There is certainly a significant market for advanced system cameras, but it's probably mostly the >$1000 side of the present market. Keeping a low-end market going will involve figuring out how to play nice with phones... Is that having a SIM card in the camera itself for direct uploads (which probably means Android, along with all the risks of Android on a connected device)? Is it some "always connected when the camera's on" app like Nikon's Snapbridge (except that it actually works)? It's more than most camera apps...

 A great $500 camera will also involve an improved kit lens - the budget for a lens in a $500 camera bundle means that the lens resolves far less well than the sensor. Can they do something with molded (maybe some kind of plastic) aspheric elements that is cheap to produce, yet resolves better than most current kit lenses (it can still be an 18-55 f3.5-5.6, just not a lousy one)? The only decent "kit" lenses show up on much more expensive bodies - the cheapest of the lot is Fuji's 18-55 f2.8-4, which starts in $1000 bundles - Nikon's 24-70 f4 Z lens and Canon's full-frame 24-105 (in EF and EF-R guise) also fall in the "not really a kit lens, although often discounted with a body" category.

In the healthier $1000 and up market, we have four relatively conventional players trying to cover many parts of the market (Nikon, Canon, Sony and Fuji), plus two players offering unusual combinations of features (Olympus and Panasonic), plus a marginal player catering to people with collections of old lenses (Pentax). Even excluding Pentax, Sigma's occasional experiments with cameras and the ultra-high end only companies (Hasselblad is the most relevant, followed by Leica, Zeiss  and Phase One), is there room for six mainstream players? Sigma and Zeiss are, of course far more relevant as lensmakers (neither is going anywhere) than they are for their cameras.

The most likely losses other than the niche players are Olympus or Panasonic, which is a shame, because they offer more differentiated products than the others. Panasonic has really prodded the state of the whole market on video, and Olympus has offered small, rugged bodies and a true sports camera far cheaper than anyone else. At this point, losing Panasonic might not matter that much, since everybody else except Canon is also pushing the video envelope, and Sony makes video-first bodies. If Olympus went away, real high-speed performance would retreat back up the line to Canon and Nikon's traditional high-speed DSLRs.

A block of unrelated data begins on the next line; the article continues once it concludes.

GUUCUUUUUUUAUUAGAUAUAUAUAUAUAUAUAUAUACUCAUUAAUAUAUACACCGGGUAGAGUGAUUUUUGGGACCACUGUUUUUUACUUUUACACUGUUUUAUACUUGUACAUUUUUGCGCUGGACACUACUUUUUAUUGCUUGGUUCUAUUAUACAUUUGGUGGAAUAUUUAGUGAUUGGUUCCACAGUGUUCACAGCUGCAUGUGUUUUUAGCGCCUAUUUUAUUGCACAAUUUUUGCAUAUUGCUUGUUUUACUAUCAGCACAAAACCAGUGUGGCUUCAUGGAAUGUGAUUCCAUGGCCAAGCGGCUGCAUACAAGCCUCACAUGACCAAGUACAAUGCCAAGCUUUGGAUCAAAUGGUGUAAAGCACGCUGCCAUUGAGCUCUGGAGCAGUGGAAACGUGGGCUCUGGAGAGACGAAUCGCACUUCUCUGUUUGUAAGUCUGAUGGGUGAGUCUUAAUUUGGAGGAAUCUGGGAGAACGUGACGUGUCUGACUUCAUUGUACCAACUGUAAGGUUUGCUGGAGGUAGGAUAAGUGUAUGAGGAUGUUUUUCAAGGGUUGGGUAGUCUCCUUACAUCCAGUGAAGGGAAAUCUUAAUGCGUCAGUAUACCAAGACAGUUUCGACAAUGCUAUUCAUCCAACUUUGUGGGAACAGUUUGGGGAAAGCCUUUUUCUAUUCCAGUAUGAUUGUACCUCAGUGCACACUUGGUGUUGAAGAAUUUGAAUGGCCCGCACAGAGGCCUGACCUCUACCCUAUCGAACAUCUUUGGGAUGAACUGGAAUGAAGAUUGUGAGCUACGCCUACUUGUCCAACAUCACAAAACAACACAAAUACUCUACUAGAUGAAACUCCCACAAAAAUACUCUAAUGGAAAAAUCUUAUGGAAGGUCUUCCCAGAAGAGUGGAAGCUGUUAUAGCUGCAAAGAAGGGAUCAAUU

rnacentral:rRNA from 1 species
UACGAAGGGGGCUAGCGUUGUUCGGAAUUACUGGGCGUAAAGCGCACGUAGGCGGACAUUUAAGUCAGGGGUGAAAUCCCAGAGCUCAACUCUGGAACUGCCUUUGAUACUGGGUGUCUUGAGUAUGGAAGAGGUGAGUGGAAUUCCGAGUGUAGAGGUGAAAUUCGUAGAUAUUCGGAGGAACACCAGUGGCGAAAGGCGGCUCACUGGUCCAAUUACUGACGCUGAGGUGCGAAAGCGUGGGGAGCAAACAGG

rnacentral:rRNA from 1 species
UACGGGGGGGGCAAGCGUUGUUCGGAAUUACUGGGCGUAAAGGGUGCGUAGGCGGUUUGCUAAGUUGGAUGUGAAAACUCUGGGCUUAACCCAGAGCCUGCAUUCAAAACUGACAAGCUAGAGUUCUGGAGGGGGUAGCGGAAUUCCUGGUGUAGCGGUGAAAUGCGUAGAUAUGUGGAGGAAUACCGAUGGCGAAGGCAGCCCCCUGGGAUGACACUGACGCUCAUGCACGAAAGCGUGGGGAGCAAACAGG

I can't see any of the four mainstream players going anywhere. Nikon may be in the weakest market position, but might have the strongest full-frame lineup - their weakness is in zero-innovation low-end APS-C DSLRs. If the market collapses back to the film SLR market, that's essentially "everything at or above the D610 plus a model or two below", and that's precisely where Nikon's strong. Canon has the weakest sensors (everybody else is buying from Sony), but huge legacy, including millions of very high-end lenses already in circulation. Fuji is the most differentiated of the bunch, and has terrific lenses. Sony has the only full line in FF mirrorless, and is essentially FF-only, which leaves them losing less than anyone else if the low end goes away...

                   -Dan

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faberryman

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Re: Mirrorless war - Canon vs Nikon - who is the current winner?
« Reply #34 on: November 21, 2018, 12:01:43 pm »

Sony has the only full line in FF mirrorless, and is essentially FF-only, which leaves them losing less than anyone else if the low end goes away...
I think the industry is correct to be focusing on the high end. The days of people being interested in buying a low-end DSLR are over.

Telecaster

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Re: Mirrorless war - Canon vs Nikon - who is the current winner?
« Reply #35 on: November 21, 2018, 04:27:55 pm »

We'll see how it goes. Personally I bet the situation even 5 years from now will be a lot different than it is today.

-Dave-
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ErikKaffehr

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Re: Mirrorless war - Canon vs Nikon - who is the current winner?
« Reply #36 on: November 21, 2018, 04:48:46 pm »

Hi,

What I may think matters a lot is that there is an upgrade path. Photographers buy into a system they can grow with. So, they may start with APS-C and go for full frame or larger, as we have seen with the Fuji GFX.

In a way, I may serve as an example.

  • I have started with APS-C, back in 2005 with 6 MP.
  • 2008, I got full frame at 24 MP, but no live view.